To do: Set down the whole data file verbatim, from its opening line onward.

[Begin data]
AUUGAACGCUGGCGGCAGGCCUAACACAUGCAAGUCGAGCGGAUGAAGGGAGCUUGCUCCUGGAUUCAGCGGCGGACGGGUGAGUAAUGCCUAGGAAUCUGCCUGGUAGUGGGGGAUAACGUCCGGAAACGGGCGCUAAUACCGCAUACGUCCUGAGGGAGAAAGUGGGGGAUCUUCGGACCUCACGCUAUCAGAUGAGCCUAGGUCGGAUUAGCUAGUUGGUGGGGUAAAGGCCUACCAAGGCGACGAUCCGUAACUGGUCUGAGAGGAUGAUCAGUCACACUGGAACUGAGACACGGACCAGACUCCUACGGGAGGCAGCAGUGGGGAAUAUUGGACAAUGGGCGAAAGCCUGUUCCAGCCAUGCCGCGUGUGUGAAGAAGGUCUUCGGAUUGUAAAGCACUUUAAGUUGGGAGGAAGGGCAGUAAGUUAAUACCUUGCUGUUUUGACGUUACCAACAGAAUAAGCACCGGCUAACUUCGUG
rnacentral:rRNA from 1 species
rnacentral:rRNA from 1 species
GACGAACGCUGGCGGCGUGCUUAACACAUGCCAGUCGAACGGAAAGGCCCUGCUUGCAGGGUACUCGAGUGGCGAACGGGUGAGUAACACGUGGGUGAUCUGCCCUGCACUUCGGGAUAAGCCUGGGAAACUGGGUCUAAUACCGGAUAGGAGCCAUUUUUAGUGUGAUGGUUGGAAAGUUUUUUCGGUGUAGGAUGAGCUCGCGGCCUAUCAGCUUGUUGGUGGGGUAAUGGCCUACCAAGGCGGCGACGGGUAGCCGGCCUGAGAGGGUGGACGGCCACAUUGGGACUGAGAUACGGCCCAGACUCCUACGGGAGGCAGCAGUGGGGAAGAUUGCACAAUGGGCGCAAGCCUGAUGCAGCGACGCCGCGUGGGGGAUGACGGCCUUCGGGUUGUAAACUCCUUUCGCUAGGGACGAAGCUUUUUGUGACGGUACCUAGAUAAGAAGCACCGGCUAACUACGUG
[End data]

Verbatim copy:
AUUGAACGCUGGCGGCAGGCCUAACACAUGCAAGUCGAGCGGAUGAAGGGAGCUUGCUCCUGGAUUCAGCGGCGGACGGGUGAGUAAUGCCUAGGAAUCUGCCUGGUAGUGGGGGAUAACGUCCGGAAACGGGCGCUAAUACCGCAUACGUCCUGAGGGAGAAAGUGGGGGAUCUUCGGACCUCACGCUAUCAGAUGAGCCUAGGUCGGAUUAGCUAGUUGGUGGGGUAAAGGCCUACCAAGGCGACGAUCCGUAACUGGUCUGAGAGGAUGAUCAGUCACACUGGAACUGAGACACGGACCAGACUCCUACGGGAGGCAGCAGUGGGGAAUAUUGGACAAUGGGCGAAAGCCUGUUCCAGCCAUGCCGCGUGUGUGAAGAAGGUCUUCGGAUUGUAAAGCACUUUAAGUUGGGAGGAAGGGCAGUAAGUUAAUACCUUGCUGUUUUGACGUUACCAACAGAAUAAGCACCGGCUAACUUCGUG
rnacentral:rRNA from 1 species
rnacentral:rRNA from 1 species
GACGAACGCUGGCGGCGUGCUUAACACAUGCCAGUCGAACGGAAAGGCCCUGCUUGCAGGGUACUCGAGUGGCGAACGGGUGAGUAACACGUGGGUGAUCUGCCCUGCACUUCGGGAUAAGCCUGGGAAACUGGGUCUAAUACCGGAUAGGAGCCAUUUUUAGUGUGAUGGUUGGAAAGUUUUUUCGGUGUAGGAUGAGCUCGCGGCCUAUCAGCUUGUUGGUGGGGUAAUGGCCUACCAAGGCGGCGACGGGUAGCCGGCCUGAGAGGGUGGACGGCCACAUUGGGACUGAGAUACGGCCCAGACUCCUACGGGAGGCAGCAGUGGGGAAGAUUGCACAAUGGGCGCAAGCCUGAUGCAGCGACGCCGCGUGGGGGAUGACGGCCUUCGGGUUGUAAACUCCUUUCGCUAGGGACGAAGCUUUUUGUGACGGUACCUAGAUAAGAAGCACCGGCUAACUACGUG